It's interesting that the hierarchy of the studio remains in place even on location. The wranglers have their own camp down by the corral, so they can be closer to the animals at night. And the crew members also have their own little enclave, with their own shower facilities and hot tub. Then there are the lower level production people, like Justin's new pal, Avi, who are jumbled together in trailers holding four or five people. Then the head crew members for things like make-up and wardrobe, the assistant directors, then the cinematographer and his cameramen. And then the actors. And Dorian, of course. And then there's Clint. Usually on a set the director is the VIP of the VIP's, but on this set you can't get past the fact that Clint is Top Dog. Because he's Clint. The Iron Man, as Pat pointed out.
Needless to say, Clint has a trailer here on location, but he doesn't sleep in it. He's rented a luxury house in Tucson where he's living during the shoot and a limo brings him to the set every day and takes him back every night. That's real power. That's the privilege of a big star. But I'm actually pretty content with living in the trailer -- at least for now. We'll see how I feel in a month!
"I just put in a hot tub," I tell Pat. "We did a major remodeling of the house over the past few months. Redid the bedrooms and the living room. They were supposed to be finished May 1, but they're still working on the poolhouse."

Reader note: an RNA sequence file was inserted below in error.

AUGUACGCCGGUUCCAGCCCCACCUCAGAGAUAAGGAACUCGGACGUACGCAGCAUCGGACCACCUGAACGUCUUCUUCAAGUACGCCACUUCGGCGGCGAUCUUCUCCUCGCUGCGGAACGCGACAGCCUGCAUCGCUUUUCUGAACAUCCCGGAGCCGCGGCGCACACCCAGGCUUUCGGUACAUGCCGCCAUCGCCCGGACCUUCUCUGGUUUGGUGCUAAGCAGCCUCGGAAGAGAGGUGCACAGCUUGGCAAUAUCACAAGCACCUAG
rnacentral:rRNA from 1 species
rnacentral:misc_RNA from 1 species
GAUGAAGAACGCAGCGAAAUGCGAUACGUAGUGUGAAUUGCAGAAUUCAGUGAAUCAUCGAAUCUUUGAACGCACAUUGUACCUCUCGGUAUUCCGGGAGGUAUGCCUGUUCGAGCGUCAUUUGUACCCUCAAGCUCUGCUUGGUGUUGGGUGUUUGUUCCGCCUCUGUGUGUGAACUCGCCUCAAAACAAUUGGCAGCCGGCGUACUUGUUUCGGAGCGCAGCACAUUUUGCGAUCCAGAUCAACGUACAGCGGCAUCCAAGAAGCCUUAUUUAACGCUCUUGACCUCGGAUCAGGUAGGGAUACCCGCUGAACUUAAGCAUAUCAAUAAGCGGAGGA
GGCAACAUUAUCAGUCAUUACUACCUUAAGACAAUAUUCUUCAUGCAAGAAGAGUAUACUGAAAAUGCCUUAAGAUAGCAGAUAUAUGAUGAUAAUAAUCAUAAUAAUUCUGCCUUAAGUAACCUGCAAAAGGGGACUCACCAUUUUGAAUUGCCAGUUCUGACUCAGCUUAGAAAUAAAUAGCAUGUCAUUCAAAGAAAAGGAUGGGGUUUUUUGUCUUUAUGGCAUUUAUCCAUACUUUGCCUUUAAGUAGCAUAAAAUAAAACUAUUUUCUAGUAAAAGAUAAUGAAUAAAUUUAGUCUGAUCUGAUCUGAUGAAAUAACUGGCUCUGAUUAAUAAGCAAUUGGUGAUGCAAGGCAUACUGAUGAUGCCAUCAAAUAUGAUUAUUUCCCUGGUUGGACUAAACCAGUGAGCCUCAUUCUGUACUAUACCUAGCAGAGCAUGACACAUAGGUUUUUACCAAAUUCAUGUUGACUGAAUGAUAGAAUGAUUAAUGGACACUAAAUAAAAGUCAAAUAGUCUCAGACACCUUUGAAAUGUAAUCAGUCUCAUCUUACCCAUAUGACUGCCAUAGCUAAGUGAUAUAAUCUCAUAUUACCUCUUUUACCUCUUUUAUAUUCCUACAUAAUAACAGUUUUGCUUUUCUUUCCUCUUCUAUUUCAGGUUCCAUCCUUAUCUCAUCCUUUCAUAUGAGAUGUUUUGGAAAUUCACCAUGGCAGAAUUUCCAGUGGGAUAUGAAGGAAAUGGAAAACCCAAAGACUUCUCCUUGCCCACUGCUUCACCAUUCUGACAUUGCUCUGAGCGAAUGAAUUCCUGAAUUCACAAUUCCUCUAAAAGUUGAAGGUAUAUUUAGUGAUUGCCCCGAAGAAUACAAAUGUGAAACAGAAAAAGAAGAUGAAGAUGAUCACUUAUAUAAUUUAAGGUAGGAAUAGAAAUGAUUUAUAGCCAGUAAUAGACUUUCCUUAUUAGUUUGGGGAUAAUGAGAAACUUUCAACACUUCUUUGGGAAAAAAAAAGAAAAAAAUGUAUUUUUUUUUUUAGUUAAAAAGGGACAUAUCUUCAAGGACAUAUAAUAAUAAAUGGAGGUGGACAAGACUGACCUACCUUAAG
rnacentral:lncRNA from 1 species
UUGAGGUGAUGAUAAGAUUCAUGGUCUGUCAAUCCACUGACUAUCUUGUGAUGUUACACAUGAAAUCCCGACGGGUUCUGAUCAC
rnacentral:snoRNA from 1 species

"You're lucky it didn't take them a year!" Pat laughs. "I know a couple who bought a big house in Malibu and started remodeling it right before they got married. Now they have two kids and are divorced -- and the damn house still isn't finished!"
"I've read stories like that," says Justin. "Los Angeles is crazy!"
"That's for sure." I reach over and squeeze Justin's arm. I'd like to do more, but, contrary to popular belief, I do have some scruples! And I wouldn't do anything that would make Pat uncomfortable. He's used to gay men, but that doesn't mean he wants to watch them make out!
Justin's face is flushed from the heat of the tub. After we get out, we're going to have dinner with the crew. The catering tent is having a Saturday night cookout -- just burgers and hotdogs and chili, but it sounds good to me. And Justin looks good to me, too. I'm not planning to fall asleep early tonight. That's a guarantee.
"What?" asks Justin, looking at me. "Why are you smiling like that?"
"You'll find out, Sunshine," I say with an evil grin. "Later."
I thank Edwin for driving me home and get out of his car. I go slowly up the walkway and pause to take a deep breath before I open the front door and go inside.